It isn’t often that the reigning World Series champions manage to snag the reigning Cy Young winner in the offseason, especially when said team doesn’t lose any rotation pieces in the process, but that’s exactly what the Los Angeles Dodgers did when they signed Trevor Bauer last week.
The Dodgers staff is looking a little crowded at the moment, but that’s never a problem when there are three Cy Young winners in the rotation (the one you’re forgetting is David Price).
Though he resides in Texas, Bauer is an LA native, starring at Hart High School in Santa Clarita and later at UCLA. Bauer established himself as one of the most dominant college pitchers in recent memory with the Bruins, and was selected by the Diamondbacks third overall in what we now know to be a very stacked 2011 draft.
However, it hasn’t always been smooth sailing for Bauer. Despite growing up in LA, Bauer idolized Tim Lincecum, and admired the way the two-time Cy Young winner was able to maximize his velocity with an unorthodox throwing motion. The delivery Bauer developed allowed him to throw hard with minimal strain on his elbow, but his violent mechanics led to inconsistency in his control. He’s since ironed out a few kinks and adopted a slightly more conventional delivery, but was sent down several times early in his career, and even led the league in walks with the Indians back in 2015.
Bauer had the reputation of being a bit of a black sheep among his teammates due to his unorthodox training and warmup techniques, but many of his philosophies have now become more or less the industry standard. He has become the poster boy for the biomechanics and data-driven approach to pitching that has seen widespread popularity during the Statcast era. Training facilities such as Driveline, where Bauer trains in the offseason, have been popping up everywhere with more and more players wanting to maximize their efficiency, and I bet a lot of them have Trevor Bauer to thank for their newfound success. Several players have used a Bauer-like approach to resurrect or take the next step in their careers as well.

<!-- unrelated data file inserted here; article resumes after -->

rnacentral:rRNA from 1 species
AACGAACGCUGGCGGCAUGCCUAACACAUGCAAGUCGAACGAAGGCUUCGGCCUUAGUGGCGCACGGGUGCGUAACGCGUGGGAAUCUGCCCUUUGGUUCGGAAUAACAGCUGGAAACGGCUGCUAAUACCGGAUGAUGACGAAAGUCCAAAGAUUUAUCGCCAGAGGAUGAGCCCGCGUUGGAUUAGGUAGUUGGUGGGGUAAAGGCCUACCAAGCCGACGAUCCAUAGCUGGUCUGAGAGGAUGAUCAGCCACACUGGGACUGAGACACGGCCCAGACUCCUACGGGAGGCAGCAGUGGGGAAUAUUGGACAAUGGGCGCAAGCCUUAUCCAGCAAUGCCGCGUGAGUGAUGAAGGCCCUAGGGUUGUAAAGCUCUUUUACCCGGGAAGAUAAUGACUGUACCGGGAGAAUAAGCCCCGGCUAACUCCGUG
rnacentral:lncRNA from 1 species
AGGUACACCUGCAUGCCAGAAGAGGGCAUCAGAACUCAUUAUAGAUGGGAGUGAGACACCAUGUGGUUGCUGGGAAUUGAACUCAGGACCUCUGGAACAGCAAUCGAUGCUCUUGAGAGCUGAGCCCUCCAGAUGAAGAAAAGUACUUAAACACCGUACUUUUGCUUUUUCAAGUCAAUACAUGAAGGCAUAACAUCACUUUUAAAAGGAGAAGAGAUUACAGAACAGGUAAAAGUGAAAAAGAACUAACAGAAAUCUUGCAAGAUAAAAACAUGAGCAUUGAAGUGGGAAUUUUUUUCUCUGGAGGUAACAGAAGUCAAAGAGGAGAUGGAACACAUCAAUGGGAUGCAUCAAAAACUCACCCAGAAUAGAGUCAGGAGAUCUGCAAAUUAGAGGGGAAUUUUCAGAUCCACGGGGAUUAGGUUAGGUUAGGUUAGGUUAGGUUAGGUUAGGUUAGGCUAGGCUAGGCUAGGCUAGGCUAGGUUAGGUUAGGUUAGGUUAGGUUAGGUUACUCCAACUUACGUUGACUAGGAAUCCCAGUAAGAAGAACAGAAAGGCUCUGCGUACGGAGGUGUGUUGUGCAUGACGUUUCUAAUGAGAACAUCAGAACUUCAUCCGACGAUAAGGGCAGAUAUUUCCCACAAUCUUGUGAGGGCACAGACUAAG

Another interesting facet of Bauer is his media company, Momentum. Very much a product of the “make baseball fun” movement, Bauer created Momentum in an effort to modernize the perception of baseball by giving fans a unique player-centric experience. I think the Los Angeles-Momentum relationship will be a mutually beneficial one. I’m not saying he’s going to sell a ton of “Barry Bonds is a Hall of Famer” t-shirts in LA, but the prospects of his big market teammates joining him for Live At-Bats or Bauer Bytes is certainly intriguing.
His quirkiness might not be what we immediately associate with star Hollywood athletes, but Bauer’s big personality should fit right at home in LA. The Dodgers organization is no stranger to outspoken or larger-than-life personalities with the likes of Yasiel Puig (who recently signed with Luba Sports, the same firm as Bauer), Manny Ramirez, and Tommy Lasorda already having walked through their doors. I’m not saying that Bauer doesn’t come without baggage, whether it’s a drone mishap, a feud with MLB on Twitter, or his overall loud persona on social media as well as a bit of a troubling following, but the Dodgers and their fans might be more equipped to handle his shenanigans than most other clubs.
Bauer is both the embodiment and antithesis of a big-time Los Angeles athlete. He’s fresh off a dominant Cy Young season, but has been league average and downright ineffective at times. Spending big money on a 30-year-old pitcher who has had a string of just 39 very good starts would normally raise a lot of red flags. However, Bauer is not a normal pitcher. Antics aside, he meticulously takes care of his body and is always making adjustments, which could mean he’ll age more gracefully than most pitchers.